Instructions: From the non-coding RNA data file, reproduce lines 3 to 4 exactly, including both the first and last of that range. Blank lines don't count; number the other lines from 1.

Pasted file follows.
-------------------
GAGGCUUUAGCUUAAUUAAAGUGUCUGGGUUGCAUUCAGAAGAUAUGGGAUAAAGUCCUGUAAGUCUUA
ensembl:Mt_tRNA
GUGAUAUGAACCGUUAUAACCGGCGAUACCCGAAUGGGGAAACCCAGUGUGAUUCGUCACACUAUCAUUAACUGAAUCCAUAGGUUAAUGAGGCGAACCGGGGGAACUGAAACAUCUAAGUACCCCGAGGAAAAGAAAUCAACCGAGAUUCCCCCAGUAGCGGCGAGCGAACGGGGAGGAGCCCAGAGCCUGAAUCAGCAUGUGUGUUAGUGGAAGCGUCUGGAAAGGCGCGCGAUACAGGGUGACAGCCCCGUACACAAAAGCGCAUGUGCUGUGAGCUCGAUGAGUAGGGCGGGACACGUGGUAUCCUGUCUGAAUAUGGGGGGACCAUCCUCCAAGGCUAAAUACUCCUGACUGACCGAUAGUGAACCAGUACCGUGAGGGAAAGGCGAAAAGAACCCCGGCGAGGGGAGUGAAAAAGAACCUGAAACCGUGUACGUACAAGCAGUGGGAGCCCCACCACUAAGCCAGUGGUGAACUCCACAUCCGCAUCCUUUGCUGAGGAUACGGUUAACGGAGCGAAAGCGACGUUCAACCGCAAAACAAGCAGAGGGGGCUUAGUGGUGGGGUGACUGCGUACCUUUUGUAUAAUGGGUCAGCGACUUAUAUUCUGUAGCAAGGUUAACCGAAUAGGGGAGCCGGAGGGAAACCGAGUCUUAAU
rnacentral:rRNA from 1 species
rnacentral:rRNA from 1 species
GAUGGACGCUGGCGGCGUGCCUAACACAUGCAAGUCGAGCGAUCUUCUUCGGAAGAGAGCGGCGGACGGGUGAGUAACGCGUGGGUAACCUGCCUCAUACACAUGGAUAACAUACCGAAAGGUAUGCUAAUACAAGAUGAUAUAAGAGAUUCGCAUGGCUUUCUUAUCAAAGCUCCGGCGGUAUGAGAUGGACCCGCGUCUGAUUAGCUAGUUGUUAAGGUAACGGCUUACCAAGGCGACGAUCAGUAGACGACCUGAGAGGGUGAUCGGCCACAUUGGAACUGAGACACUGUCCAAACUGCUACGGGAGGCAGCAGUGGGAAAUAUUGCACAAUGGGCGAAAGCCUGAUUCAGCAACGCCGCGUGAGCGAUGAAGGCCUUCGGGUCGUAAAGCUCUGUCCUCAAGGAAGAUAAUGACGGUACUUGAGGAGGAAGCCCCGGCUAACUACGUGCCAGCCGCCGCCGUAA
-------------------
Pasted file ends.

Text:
GUGAUAUGAACCGUUAUAACCGGCGAUACCCGAAUGGGGAAACCCAGUGUGAUUCGUCACACUAUCAUUAACUGAAUCCAUAGGUUAAUGAGGCGAACCGGGGGAACUGAAACAUCUAAGUACCCCGAGGAAAAGAAAUCAACCGAGAUUCCCCCAGUAGCGGCGAGCGAACGGGGAGGAGCCCAGAGCCUGAAUCAGCAUGUGUGUUAGUGGAAGCGUCUGGAAAGGCGCGCGAUACAGGGUGACAGCCCCGUACACAAAAGCGCAUGUGCUGUGAGCUCGAUGAGUAGGGCGGGACACGUGGUAUCCUGUCUGAAUAUGGGGGGACCAUCCUCCAAGGCUAAAUACUCCUGACUGACCGAUAGUGAACCAGUACCGUGAGGGAAAGGCGAAAAGAACCCCGGCGAGGGGAGUGAAAAAGAACCUGAAACCGUGUACGUACAAGCAGUGGGAGCCCCACCACUAAGCCAGUGGUGAACUCCACAUCCGCAUCCUUUGCUGAGGAUACGGUUAACGGAGCGAAAGCGACGUUCAACCGCAAAACAAGCAGAGGGGGCUUAGUGGUGGGGUGACUGCGUACCUUUUGUAUAAUGGGUCAGCGACUUAUAUUCUGUAGCAAGGUUAACCGAAUAGGGGAGCCGGAGGGAAACCGAGUCUUAAU
rnacentral:rRNA from 1 species